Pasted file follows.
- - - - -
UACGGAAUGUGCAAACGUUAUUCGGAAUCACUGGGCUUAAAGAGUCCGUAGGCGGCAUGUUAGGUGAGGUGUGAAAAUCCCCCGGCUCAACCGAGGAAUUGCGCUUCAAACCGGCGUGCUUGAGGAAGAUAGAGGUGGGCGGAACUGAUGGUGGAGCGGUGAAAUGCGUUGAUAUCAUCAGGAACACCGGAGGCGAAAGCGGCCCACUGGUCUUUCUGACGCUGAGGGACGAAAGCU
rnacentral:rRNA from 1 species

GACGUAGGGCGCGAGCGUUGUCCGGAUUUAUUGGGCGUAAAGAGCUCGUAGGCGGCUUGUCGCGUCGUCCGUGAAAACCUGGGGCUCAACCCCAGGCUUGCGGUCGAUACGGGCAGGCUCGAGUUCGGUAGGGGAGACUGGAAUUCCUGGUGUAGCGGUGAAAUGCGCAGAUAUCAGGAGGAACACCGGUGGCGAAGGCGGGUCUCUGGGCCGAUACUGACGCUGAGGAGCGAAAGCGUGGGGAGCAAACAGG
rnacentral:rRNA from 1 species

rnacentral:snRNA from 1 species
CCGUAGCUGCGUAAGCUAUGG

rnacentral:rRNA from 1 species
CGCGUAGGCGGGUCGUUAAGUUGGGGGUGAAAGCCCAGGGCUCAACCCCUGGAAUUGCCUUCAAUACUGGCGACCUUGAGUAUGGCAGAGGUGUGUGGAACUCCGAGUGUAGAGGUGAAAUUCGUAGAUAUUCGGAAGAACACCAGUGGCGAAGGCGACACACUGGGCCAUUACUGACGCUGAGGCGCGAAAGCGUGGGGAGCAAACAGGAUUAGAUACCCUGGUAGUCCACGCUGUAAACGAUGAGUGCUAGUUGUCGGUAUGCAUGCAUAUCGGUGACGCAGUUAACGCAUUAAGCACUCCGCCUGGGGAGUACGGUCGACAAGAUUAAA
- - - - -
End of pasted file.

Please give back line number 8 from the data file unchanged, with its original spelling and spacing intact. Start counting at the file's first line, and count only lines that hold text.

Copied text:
CGCGUAGGCGGGUCGUUAAGUUGGGGGUGAAAGCCCAGGGCUCAACCCCUGGAAUUGCCUUCAAUACUGGCGACCUUGAGUAUGGCAGAGGUGUGUGGAACUCCGAGUGUAGAGGUGAAAUUCGUAGAUAUUCGGAAGAACACCAGUGGCGAAGGCGACACACUGGGCCAUUACUGACGCUGAGGCGCGAAAGCGUGGGGAGCAAACAGGAUUAGAUACCCUGGUAGUCCACGCUGUAAACGAUGAGUGCUAGUUGUCGGUAUGCAUGCAUAUCGGUGACGCAGUUAACGCAUUAAGCACUCCGCCUGGGGAGUACGGUCGACAAGAUUAAA